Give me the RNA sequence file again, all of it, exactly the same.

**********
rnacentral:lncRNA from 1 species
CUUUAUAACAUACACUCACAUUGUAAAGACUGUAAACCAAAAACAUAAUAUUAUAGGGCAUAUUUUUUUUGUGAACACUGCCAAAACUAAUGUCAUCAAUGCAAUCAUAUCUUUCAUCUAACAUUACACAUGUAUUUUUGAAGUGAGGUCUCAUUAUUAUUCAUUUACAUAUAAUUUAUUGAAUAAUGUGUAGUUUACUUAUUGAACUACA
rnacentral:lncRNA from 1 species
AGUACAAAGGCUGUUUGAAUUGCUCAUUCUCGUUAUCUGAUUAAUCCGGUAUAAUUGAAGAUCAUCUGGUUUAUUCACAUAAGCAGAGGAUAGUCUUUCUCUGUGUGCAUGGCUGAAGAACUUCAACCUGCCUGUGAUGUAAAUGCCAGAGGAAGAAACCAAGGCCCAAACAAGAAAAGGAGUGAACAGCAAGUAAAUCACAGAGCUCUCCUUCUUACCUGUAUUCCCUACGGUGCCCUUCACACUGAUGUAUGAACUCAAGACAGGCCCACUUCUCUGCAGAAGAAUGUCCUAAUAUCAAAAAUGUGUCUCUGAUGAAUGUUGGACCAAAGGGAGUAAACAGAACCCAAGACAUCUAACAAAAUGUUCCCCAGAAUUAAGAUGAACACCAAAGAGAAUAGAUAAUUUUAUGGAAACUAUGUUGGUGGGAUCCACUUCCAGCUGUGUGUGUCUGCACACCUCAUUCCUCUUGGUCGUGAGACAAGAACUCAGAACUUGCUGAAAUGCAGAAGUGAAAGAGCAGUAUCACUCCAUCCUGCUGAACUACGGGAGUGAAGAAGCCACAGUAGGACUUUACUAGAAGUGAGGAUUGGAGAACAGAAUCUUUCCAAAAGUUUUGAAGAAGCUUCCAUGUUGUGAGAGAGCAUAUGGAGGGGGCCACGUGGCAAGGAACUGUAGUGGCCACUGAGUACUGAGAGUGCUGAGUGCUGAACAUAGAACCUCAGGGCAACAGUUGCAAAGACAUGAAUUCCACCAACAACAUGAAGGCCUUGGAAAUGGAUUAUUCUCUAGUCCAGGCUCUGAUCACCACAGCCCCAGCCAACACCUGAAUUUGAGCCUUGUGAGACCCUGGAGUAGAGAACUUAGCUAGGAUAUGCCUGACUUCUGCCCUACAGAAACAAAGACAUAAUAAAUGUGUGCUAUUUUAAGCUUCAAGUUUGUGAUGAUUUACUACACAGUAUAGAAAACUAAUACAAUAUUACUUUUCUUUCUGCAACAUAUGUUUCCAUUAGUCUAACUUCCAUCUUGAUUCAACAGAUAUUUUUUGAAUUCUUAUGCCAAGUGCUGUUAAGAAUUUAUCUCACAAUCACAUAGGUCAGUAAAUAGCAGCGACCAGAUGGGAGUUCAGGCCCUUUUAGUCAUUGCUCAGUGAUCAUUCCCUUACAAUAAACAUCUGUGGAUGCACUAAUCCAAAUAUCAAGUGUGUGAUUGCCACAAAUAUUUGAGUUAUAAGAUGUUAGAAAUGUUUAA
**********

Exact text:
rnacentral:lncRNA from 1 species
CUUUAUAACAUACACUCACAUUGUAAAGACUGUAAACCAAAAACAUAAUAUUAUAGGGCAUAUUUUUUUUGUGAACACUGCCAAAACUAAUGUCAUCAAUGCAAUCAUAUCUUUCAUCUAACAUUACACAUGUAUUUUUGAAGUGAGGUCUCAUUAUUAUUCAUUUACAUAUAAUUUAUUGAAUAAUGUGUAGUUUACUUAUUGAACUACA
rnacentral:lncRNA from 1 species
AGUACAAAGGCUGUUUGAAUUGCUCAUUCUCGUUAUCUGAUUAAUCCGGUAUAAUUGAAGAUCAUCUGGUUUAUUCACAUAAGCAGAGGAUAGUCUUUCUCUGUGUGCAUGGCUGAAGAACUUCAACCUGCCUGUGAUGUAAAUGCCAGAGGAAGAAACCAAGGCCCAAACAAGAAAAGGAGUGAACAGCAAGUAAAUCACAGAGCUCUCCUUCUUACCUGUAUUCCCUACGGUGCCCUUCACACUGAUGUAUGAACUCAAGACAGGCCCACUUCUCUGCAGAAGAAUGUCCUAAUAUCAAAAAUGUGUCUCUGAUGAAUGUUGGACCAAAGGGAGUAAACAGAACCCAAGACAUCUAACAAAAUGUUCCCCAGAAUUAAGAUGAACACCAAAGAGAAUAGAUAAUUUUAUGGAAACUAUGUUGGUGGGAUCCACUUCCAGCUGUGUGUGUCUGCACACCUCAUUCCUCUUGGUCGUGAGACAAGAACUCAGAACUUGCUGAAAUGCAGAAGUGAAAGAGCAGUAUCACUCCAUCCUGCUGAACUACGGGAGUGAAGAAGCCACAGUAGGACUUUACUAGAAGUGAGGAUUGGAGAACAGAAUCUUUCCAAAAGUUUUGAAGAAGCUUCCAUGUUGUGAGAGAGCAUAUGGAGGGGGCCACGUGGCAAGGAACUGUAGUGGCCACUGAGUACUGAGAGUGCUGAGUGCUGAACAUAGAACCUCAGGGCAACAGUUGCAAAGACAUGAAUUCCACCAACAACAUGAAGGCCUUGGAAAUGGAUUAUUCUCUAGUCCAGGCUCUGAUCACCACAGCCCCAGCCAACACCUGAAUUUGAGCCUUGUGAGACCCUGGAGUAGAGAACUUAGCUAGGAUAUGCCUGACUUCUGCCCUACAGAAACAAAGACAUAAUAAAUGUGUGCUAUUUUAAGCUUCAAGUUUGUGAUGAUUUACUACACAGUAUAGAAAACUAAUACAAUAUUACUUUUCUUUCUGCAACAUAUGUUUCCAUUAGUCUAACUUCCAUCUUGAUUCAACAGAUAUUUUUUGAAUUCUUAUGCCAAGUGCUGUUAAGAAUUUAUCUCACAAUCACAUAGGUCAGUAAAUAGCAGCGACCAGAUGGGAGUUCAGGCCCUUUUAGUCAUUGCUCAGUGAUCAUUCCCUUACAAUAAACAUCUGUGGAUGCACUAAUCCAAAUAUCAAGUGUGUGAUUGCCACAAAUAUUUGAGUUAUAAGAUGUUAGAAAUGUUUAA